Photovoltaic (PV) panels are soaking up the sun's energy at the top of 50 distribution poles in Georgia. Georgia Power's linemen installed the solar panels as part of an 18-month research project with the Electric Power Research Institute (EPRI). The organization is studying how PV can affect the utility's distribution system in various climates and weather conditions. The purpose is to determine the overall PV performance in Georgia and the potential issues of high penetration of solar PV panels on the distribution system.

In December 2010, Georgia Power linemen installed 50 solar panels across the state. They installed seven solar panels on distribution circuits in six different cities, including Augusta, Columbus, Jonesboro, Macon, Savannah and Valdosta. The crews installed eight solar panels in Rome, Georgia. EPRI and Georgia Power selected the sites based upon a variety of environmental parameters, such as the cities' temperature, cloud cover and solar intensity.

Selecting Panel Locations

Once Georgia Power identified the list of cities, the utility then had to select certain distribution circuits based on a few factors. Engineers working in the seven different cities chose both the distribution circuits and pole locations for the panels. In each city, they selected one distribution circuit based on geographical diversity. The circuit had to be large enough in order to gain an adequate sampling of the geographical area.

In each circuit, the engineers chose seven Georgia Power-owned pole locations to house the solar panels. They used a Solar Pathfinder to determine the pole locations that received the most sunlight intensity and the least amount of shading. The engineers spaced the pole locations at least 1,000 ft apart, but not more than 1 mile apart.

To avoid shading on the panel, they took care to avoid any permanent obstacles such as buildings, trees and overhead lines. Shading reduces the power output of the solar panel. They also had to ensure that there was adequate ground and pole clearance for working space in the future. The engineers selected pole locations to control these hazards, but in some situations, the linemen had to modify the pole before they could install the solar panel.

Installing the Pole-Top Solar Panels

Georgia Power's distribution automation engineering team and line crews worked together to install the panels. The distribution automation engineering team constructed the solar panel assembly and trained the line crews on installation procedures. The solar panel assembly included the PV panel, pole-mount frame, monitoring equipment and fused service disconnect. The Georgia Power line crews installed the pole-top solar panels and will be responsible for maintaining and troubleshooting the panels during the 18-month project.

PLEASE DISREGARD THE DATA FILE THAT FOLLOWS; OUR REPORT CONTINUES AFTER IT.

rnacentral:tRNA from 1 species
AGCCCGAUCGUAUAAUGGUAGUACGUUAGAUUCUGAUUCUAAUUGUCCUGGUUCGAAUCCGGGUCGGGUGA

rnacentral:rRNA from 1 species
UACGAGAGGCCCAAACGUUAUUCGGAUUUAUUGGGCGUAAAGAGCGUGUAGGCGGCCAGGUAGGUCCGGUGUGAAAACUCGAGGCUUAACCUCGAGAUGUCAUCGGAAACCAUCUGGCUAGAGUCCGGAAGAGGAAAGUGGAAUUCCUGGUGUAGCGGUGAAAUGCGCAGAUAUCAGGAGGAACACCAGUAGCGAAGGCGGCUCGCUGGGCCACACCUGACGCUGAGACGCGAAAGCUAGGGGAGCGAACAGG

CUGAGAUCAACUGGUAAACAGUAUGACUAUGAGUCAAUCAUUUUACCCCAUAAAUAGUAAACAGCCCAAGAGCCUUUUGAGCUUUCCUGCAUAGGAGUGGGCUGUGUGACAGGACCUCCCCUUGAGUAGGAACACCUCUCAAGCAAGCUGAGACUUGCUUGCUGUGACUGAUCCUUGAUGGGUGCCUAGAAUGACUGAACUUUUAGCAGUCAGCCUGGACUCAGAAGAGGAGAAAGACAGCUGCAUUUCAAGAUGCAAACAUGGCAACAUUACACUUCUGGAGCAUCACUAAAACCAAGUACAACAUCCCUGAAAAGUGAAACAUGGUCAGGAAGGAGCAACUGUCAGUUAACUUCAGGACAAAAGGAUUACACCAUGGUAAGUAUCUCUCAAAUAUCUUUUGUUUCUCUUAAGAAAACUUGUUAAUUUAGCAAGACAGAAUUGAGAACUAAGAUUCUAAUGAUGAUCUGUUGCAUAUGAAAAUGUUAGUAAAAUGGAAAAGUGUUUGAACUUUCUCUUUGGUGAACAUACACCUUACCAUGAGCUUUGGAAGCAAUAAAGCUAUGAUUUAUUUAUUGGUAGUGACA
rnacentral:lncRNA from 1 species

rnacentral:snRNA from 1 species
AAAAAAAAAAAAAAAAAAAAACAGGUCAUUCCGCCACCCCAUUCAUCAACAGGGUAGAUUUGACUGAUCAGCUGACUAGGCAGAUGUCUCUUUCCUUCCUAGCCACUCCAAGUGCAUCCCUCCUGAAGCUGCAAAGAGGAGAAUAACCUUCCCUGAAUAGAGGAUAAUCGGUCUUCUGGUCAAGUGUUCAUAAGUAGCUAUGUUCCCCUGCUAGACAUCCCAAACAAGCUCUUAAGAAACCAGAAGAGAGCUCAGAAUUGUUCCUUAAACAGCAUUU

The team used Canadian Solar Inc. PV panels, which measure 3 ft by 5 ft. These panels generate about 200 W of electricity at maximum sunlight. For optimal sun coverage, the panels were positioned to face south and were installed at a 30-degree angle from the horizon.

The solar panels use PV cells to convert sunlight into electricity. As the sunlight strikes the PV cell, electrons are dislodged, creating an electric current. Solar-produced energy from these panels is not being stored. The energy is being delivered directly to the distribution system after being converted from direct current (40 V DC) to alternating current (240 V AC) using an Enphase Energy microinverter.

The linemen connected the solar panel to a distribution transformer through the secondary wires and a fused service disconnect. With the introduction of the solar panel, the transformer's demand is decreased, thus reducing the power requirements for the utility.

Whenever a utility adds distributed generation, such as solar panels, to the system, the company must employ methods to prevent the backfeeding of power during outage situations. This was Georgia Power's main safety concern and the microinverter was the solution. If the utility's power is lost, the microinverter will automatically open to separate the solar panel from the utility. This eliminates the possibility of backfeeding. The utility's distribution circuit must be energized for 5 minutes before the microinverter will make the connection.

The microverter is supported on the pole by a pole-mount frame manufactured by DCS Electronics. In addition to securing the solar panel to the pole at the proper angle, the frame also secures the monitoring box and the fused service disconnect.

EPRI designed the equipment, which monitors electrical, solar and environmental data at 1-second intervals. The monitoring box contains the power meter, pyranometer, thermistor and data logger. This monitoring equipment requires 120-V AC power from the utility to operate. The linemen installed a 120-V AC fused service disconnect for protection.